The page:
The Rosemary Clooney House Museum held its grand opening in October on the banks of the Ohio River in Augusta. Through the efforts of former Lt. Governor Steve Henry and wife Heather French Henry, Miss America 2000, the Kentucky home of the popular singer and actress has been preserved and opened to the public. This is the home that Clooney owned for more than two decades and where she came to rest and relax from the demands of her busy career. Some of her hit songs from the ’50s were Come On-A My House, Hey There, This Ole House, and Mambo Italiano.
Filled with memorabilia from her six-decade career and her personal life, the home houses the largest collection of items anywhere in the world from her movie White Christmas. One of the blue ostrich feather fans used by Clooney and Vera Ellen while they sang Sisters is framed and hanging above the fireplace. The White Christmas script and the dresses worn in the movie at the cast party are all there.
Visitors will see the white tuxedo worn by Bob Hope in the 1953 movie Here Come the Girls with Clooney; family photos; photos of Nick and George Clooney, the singer’s brother and nephew; movie posters; her library; the rehearsal piano that she used; and Bob Mackie designs for Clooney’s concert hall gowns. Items displayed in the house were donated by Paramount Studios, the Clooney family, and fans. As her home in Beverly Hills was being demolished by its new owner, some of the construction materials were salvaged and brought to Augusta for use in building an addition to the Kentucky house. Those are also on display.
Upstairs, Clooney’s bedroom has the original furnishings and bedclothes used by the singer and her husband, Dante DiPaolo. Across the hall in another bedroom, visitors to the Miss America Room will see the gowns and tiaras worn by Heather French Henry, also from Augusta, when she was crowned Miss Kentucky, Miss America, and at age 9 Miss Sternwheeler.
While you are visiting Augusta, be sure to dine at the Beehive Tavern and Restaurant, which is only one block downriver at 101 West Riverside. The restaurant was one of Clooney’s favorite spots, with fabulous food and wonderful views of the river. Housed in a historic building that once was a drugstore, the restaurant is owned by former opera singer Sean Moral, who sometimes appears in the dining rooms to sing a variety of songs for his customers.
If you want to stay overnight in Augusta, try a historic bed-and-breakfast inn. Built in the 1800s, the Parkview Country Inn has 10 guest rooms, all furnished with antiques.
The Rosemary Clooney House
106 East Riverside Drive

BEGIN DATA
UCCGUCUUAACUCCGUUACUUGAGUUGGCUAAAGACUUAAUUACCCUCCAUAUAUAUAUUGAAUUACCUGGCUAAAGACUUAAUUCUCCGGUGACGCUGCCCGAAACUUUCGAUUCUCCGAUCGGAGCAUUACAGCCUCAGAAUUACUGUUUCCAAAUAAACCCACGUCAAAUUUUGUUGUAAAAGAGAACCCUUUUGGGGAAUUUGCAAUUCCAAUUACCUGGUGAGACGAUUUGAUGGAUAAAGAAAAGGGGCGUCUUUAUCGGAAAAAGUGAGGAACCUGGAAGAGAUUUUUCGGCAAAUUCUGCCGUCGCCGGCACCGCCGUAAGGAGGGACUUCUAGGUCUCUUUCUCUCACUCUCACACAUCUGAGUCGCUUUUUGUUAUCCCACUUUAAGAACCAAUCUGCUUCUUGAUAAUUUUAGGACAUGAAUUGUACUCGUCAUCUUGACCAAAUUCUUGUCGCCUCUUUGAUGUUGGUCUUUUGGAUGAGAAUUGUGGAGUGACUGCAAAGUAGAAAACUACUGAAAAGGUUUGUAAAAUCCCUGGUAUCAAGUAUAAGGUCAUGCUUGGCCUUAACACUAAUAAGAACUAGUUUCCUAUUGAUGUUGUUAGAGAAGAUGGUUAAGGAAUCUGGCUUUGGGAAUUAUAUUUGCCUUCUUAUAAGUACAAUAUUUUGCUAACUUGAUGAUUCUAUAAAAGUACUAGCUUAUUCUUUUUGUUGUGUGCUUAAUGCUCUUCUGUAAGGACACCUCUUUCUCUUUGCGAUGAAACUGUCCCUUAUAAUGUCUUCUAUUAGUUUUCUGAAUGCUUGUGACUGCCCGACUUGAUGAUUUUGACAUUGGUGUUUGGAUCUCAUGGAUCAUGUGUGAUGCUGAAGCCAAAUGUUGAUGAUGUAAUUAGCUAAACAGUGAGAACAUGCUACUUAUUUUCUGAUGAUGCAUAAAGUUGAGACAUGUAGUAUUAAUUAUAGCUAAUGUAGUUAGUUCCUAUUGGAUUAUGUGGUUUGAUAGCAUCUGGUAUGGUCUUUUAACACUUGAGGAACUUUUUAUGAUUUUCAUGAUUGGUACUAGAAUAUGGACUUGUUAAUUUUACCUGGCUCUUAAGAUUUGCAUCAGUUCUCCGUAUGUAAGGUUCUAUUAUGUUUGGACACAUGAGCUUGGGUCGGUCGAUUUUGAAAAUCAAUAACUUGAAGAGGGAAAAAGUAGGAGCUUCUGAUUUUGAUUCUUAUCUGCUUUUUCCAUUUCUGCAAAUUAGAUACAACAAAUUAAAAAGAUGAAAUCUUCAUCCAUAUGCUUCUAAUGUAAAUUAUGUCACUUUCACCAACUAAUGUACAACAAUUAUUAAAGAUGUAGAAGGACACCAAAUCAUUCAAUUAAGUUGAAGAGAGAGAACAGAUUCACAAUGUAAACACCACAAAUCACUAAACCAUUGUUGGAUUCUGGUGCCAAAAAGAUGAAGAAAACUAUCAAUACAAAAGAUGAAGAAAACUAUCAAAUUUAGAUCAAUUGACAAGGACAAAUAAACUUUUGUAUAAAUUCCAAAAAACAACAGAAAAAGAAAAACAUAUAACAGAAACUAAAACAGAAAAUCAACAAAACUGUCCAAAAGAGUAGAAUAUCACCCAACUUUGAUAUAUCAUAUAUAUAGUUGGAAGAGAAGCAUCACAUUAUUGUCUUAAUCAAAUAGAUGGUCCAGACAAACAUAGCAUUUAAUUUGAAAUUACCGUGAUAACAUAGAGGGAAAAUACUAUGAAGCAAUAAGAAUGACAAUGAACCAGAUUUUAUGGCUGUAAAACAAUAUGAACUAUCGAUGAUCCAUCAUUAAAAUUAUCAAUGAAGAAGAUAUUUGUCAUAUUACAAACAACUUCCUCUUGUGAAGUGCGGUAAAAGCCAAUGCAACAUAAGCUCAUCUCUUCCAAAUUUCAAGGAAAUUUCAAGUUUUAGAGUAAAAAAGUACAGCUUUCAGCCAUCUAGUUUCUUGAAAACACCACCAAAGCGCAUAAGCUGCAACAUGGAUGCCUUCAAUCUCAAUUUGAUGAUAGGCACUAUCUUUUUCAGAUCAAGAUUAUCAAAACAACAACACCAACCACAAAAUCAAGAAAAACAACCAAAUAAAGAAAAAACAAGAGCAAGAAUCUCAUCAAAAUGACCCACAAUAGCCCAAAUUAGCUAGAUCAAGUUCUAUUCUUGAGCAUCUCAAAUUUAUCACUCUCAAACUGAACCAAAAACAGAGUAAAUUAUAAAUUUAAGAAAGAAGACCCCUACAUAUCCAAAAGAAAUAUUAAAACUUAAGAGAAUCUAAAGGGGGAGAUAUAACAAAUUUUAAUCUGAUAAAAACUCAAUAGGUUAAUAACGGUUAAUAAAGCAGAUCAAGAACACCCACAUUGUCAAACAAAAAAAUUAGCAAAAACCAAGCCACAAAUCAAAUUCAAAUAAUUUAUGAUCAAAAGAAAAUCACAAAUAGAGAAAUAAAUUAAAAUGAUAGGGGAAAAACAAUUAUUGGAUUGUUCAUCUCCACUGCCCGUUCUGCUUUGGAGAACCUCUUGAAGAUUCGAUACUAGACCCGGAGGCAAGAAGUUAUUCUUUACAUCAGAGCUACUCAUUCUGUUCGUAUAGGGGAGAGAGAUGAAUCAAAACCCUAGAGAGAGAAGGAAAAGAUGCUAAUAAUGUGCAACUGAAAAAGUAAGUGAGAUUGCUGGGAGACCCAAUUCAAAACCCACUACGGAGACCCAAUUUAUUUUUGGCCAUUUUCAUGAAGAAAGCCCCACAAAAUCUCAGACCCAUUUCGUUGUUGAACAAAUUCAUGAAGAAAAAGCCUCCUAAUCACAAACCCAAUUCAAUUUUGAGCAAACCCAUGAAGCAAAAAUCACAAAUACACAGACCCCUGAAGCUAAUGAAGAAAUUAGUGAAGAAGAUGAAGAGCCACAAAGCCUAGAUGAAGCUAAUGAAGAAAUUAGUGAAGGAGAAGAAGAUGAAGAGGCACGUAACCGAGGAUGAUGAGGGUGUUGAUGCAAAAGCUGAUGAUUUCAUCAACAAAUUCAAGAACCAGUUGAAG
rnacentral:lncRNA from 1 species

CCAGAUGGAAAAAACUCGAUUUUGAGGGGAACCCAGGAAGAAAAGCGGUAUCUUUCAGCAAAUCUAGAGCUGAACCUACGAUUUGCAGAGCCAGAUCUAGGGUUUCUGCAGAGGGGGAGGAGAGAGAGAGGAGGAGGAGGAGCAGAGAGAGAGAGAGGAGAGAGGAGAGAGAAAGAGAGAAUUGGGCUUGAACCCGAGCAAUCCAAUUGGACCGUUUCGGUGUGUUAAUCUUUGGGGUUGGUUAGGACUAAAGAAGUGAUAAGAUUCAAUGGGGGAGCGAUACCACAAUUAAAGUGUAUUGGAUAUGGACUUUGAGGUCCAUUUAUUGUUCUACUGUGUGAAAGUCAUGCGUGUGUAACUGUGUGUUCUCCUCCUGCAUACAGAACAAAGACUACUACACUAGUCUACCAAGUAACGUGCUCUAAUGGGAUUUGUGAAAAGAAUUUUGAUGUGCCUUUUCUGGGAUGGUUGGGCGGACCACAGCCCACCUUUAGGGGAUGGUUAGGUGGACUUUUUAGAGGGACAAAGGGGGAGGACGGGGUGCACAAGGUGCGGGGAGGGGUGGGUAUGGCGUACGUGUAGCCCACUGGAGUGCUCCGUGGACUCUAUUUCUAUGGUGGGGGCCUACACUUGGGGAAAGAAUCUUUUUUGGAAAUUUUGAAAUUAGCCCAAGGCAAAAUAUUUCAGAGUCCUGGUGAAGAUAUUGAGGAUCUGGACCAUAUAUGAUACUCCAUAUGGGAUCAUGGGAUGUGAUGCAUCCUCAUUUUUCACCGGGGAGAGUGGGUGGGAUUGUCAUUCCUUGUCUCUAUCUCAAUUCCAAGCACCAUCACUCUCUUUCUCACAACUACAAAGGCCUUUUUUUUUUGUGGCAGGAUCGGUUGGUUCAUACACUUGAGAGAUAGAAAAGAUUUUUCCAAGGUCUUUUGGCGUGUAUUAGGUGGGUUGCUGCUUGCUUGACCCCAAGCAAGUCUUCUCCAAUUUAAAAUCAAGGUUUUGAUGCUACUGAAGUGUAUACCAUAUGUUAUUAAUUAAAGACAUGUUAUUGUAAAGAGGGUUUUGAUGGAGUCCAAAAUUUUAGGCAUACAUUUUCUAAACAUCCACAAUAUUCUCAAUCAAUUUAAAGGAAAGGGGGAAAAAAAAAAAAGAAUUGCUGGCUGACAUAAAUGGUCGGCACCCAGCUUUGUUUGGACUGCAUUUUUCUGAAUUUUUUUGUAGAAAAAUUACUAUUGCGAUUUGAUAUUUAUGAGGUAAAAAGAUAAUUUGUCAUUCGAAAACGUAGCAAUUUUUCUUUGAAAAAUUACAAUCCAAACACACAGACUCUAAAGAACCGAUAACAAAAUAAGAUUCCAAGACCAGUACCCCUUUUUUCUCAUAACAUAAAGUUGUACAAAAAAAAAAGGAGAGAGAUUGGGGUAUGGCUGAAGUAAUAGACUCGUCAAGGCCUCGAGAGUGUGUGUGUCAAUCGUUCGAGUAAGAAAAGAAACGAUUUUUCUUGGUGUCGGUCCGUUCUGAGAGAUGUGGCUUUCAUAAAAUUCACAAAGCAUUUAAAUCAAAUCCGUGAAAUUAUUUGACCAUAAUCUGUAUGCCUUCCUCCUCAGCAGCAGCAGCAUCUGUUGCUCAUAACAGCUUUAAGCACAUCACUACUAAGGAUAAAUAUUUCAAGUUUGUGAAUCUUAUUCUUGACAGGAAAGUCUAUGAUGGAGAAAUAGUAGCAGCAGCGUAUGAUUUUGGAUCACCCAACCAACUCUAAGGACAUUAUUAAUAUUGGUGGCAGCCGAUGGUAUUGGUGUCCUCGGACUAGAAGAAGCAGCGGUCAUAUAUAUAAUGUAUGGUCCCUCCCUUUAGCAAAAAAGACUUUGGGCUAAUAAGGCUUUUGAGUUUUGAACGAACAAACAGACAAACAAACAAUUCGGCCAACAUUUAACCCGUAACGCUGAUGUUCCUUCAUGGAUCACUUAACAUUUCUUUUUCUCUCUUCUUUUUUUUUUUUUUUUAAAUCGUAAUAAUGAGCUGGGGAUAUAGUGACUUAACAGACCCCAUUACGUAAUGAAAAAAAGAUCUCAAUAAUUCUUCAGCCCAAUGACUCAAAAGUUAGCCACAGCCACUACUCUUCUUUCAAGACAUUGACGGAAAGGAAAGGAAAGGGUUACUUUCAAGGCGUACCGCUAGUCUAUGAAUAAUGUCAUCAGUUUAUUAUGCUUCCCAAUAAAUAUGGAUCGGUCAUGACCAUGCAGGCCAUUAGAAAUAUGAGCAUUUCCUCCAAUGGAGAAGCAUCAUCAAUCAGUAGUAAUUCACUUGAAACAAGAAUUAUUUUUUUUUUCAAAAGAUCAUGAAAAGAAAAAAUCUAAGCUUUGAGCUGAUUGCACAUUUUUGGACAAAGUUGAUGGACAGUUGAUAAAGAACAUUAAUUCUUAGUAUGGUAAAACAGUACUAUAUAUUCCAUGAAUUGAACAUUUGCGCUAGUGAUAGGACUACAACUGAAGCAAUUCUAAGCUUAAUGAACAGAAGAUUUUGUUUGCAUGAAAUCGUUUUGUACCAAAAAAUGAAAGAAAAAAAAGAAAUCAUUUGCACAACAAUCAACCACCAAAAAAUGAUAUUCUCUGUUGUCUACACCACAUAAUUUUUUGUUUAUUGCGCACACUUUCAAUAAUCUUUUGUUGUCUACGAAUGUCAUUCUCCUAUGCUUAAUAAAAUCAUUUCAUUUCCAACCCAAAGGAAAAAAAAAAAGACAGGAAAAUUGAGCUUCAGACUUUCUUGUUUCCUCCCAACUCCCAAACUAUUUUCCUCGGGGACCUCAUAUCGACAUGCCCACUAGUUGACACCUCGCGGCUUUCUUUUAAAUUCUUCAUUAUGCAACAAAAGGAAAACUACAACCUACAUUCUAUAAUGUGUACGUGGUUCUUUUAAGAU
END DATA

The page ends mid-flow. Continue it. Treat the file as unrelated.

Augusta, KY 41002
Admission $5. Call or go to the Web site for summer hours or tours by appointment.
Other Celeb Tours
Loretta Lynn & Crystal Gayle’s Childhood Home
Butcher Hollow near Van Lear
In Van Lear, stop at Webb’s Grocery (No. 5 Country Store on Kentucky 302 near Miller’s Creek just past Van Lear), 1917 Miller’s Creek Road, Van Lear, (606) 789-3397, and talk with Loretta’s brother, Herman Webb, about a tour of the privately owned home.
Highlands Museum and Discovery Center
Country Music Heritage Hall
Memorabilia and biographies of several well-known country music artists who came from towns either on or near U.S. Highway 23/Country Music Highway, including Loretta Lynn, Crystal Gayle, Ricky Skaggs, Keith Whitley, Hylo Brown, Billy Ray Cyrus, Patty Loveless, Tom T. Hall, and the Judds. Hours are Tuesday–Saturday 10 a.m.–4 p.m.; adults $4, children/seniors $3.50, children under 2 and members are free.
The Monroe Home Place
(270) 274-9579 or (270) 256-1430
Visit the home of Bill, Birch, and Charlie Monroe, the founders of bluegrass music. Tours are free, although donations are accepted. Hours are Monday–Saturday 9 a.m.-5 p.m. and Sunday 2-6 p.m.
Everly Brothers Monument
Central City, KY
Located at the entrance to City Hall is a large granite monument dedicated to singers Phil and Don Everly. An Everly Brothers Museum and Music Complex, on 88 acres on Everly Brothers Boulevard, is in the planning stages to showcase their careers and memorabilia of nearly 50 years. For more information about the annual Everly Brothers Music Festival, contact Central City Tourism Commission, 208 North First Street, Central City, (270) 754-2360.
–Mary Jo Harrod
Visitors to the Muhammad Ali Center are knocked out by the Train with Ali exhibit, where they can shadowbox with The Greatest, and the boxing ring beneath the words that fit Ali like a pair of classic leather gloves: “Float like a butterfly, sting like a bee.”
The two exhibits are among dozens of others at the museum, which opened in downtown Louisville in November, and helps narrate the story of Muhammad Ali, who was born Cassius Marcellus Clay in Louisville in 1942. An international cultural and educational institution, the $75 million Center was developed to preserve and share Ali’s legacy by inspiring and guiding others.
“Ali’s story is one of inspiration that touches individuals across the globe—regardless of age, ethnicity, religion, or culture,” says Jeanie Kahnke, vice president for communications at the Muhammad Ali Center.